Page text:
U.S. District Judge David S. Morales suspended the preliminary injunction on May 11, which prevented Hidalgo County EMS from submitting an amended loan application.
On May 14, three days after the preliminary injunction was suspended, Hidalgo County EMS submitted a loan application signed by owner Kenneth B. Ponce. When asked about bankruptcy, Hidalgo County EMS answered “No”.
“On that date, the debtor could not invoke the preliminary injunction of this Court without violating the order of the district court staying the injunction. He also could not honestly respond to the PPP loan request without risking rejection of the request, ”according to the petition. “Faced with these two problems, the debtor in possession under the control of Mr. Ponce chose to be dishonest.
Legacy Bank, based in Hinton, Oklahoma, accepted the loan request. The Hidalgo County EMS service received $ 2,559,600.
The Small Business Administration won the appeal in June, when the U.S. 5th Circuit Court of Appeals ruled that the federal bankruptcy judge had exceeded his authority by issuing a preliminary injunction.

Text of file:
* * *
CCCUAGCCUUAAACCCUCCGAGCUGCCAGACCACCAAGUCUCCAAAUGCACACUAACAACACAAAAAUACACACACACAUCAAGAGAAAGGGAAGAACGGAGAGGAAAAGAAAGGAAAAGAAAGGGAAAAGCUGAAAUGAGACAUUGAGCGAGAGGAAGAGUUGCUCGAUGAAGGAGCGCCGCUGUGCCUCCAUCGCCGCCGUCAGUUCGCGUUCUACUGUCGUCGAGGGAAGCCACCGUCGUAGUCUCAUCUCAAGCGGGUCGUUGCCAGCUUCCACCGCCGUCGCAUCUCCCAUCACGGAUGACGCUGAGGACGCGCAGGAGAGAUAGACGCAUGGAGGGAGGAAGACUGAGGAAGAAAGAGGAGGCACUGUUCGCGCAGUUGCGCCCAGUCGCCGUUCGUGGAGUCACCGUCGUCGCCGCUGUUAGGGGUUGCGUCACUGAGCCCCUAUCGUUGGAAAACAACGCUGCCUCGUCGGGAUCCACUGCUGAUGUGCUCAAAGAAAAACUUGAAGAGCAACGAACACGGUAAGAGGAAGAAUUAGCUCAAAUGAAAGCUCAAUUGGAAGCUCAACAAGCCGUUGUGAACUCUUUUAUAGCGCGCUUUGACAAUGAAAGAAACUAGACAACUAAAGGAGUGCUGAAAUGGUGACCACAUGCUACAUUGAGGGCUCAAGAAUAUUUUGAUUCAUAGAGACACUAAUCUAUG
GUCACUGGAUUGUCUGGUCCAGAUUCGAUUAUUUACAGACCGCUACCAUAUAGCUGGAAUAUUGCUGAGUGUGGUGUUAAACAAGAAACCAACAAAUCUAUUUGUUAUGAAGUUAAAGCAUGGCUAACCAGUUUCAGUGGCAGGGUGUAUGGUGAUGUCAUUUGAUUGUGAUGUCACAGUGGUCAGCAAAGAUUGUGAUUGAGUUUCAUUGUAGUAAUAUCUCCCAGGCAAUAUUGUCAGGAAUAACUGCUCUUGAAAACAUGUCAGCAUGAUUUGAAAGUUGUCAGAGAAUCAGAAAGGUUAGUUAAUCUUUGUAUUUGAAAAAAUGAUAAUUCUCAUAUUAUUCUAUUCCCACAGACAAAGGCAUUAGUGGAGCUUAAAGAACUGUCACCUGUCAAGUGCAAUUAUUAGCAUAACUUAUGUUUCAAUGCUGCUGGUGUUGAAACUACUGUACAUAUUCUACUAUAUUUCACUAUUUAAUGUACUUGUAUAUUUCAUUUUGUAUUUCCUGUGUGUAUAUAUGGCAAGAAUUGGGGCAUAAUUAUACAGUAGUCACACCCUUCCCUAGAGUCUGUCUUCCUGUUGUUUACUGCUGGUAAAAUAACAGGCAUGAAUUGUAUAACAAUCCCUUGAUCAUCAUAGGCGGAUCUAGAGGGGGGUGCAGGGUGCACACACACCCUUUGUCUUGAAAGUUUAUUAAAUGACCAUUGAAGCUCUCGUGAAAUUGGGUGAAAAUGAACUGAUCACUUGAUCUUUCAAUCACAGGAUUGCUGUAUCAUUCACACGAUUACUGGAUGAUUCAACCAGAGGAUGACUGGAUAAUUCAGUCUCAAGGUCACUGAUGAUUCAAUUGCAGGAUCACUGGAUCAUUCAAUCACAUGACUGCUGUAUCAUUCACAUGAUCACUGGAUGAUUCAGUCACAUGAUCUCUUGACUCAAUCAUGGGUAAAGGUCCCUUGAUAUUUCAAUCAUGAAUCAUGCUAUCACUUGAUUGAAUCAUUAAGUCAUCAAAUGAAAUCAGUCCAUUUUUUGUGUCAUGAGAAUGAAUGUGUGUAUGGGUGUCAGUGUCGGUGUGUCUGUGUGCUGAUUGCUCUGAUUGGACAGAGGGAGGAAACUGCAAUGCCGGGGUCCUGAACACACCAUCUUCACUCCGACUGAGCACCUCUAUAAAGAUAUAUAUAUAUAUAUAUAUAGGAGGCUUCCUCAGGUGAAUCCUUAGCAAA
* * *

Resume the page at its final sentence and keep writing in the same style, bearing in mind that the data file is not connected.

This left Hidalgo County EMS in a sticky position: it lost the lawsuit, but still received the paycheck protection program loan.
In the petition filed on Saturday, the US attorney’s office charged Hidalgo County EMS with fraud.
“The debtor in possession made a material misrepresentation in order to obtain a PPP loan,” according to the petition. “This misrepresentation may result in an administrative claim of $ 2.5 million against the assets of the bankruptcy, which may jeopardize the reorganization and the jobs of those employed by the debtor.”
The petition asks Jones, the bankruptcy judge, to appoint a Chapter 11 trustee to oversee Hidalgo County’s EMS.
“The United States requests that the Court appoint a Chapter 11 trustee to protect the bankruptcy process while allowing the bankruptcy estate to pursue any claims it may or may not have – and hopefully uphold a reorganization plan that will preserve jobs, ”according to the movement.
The appointment of a Chapter 11 trustee is “a rarity,” according to a guide to bankruptcy published by the Administrative Office of the United States Courts. Reasons why a judge may appoint a trustee include “fraud, dishonesty, incompetence or gross mismanagement, or whether such an appointment is in the best interests of creditors, equity holders and others. interests of the estate ”.
The Small Business Administration could also throw a wrench into the reorganization process by refusing to cancel the loan, which would burden Hidalgo EMS County with massive new debt.
“If the SBA decides that the debtor’s misrepresentation renders it ineligible for loan cancellation, then Legacy Bank will have a significant unsecured claim against the debtor,” according to the motion. “If Legacy Bank requires payment in full for this loan on the effective date of a plan, as it is entitled to do under 11 USC § 1129 (a) (9) (A), then this loan can prevent the debtor from reorganizing. “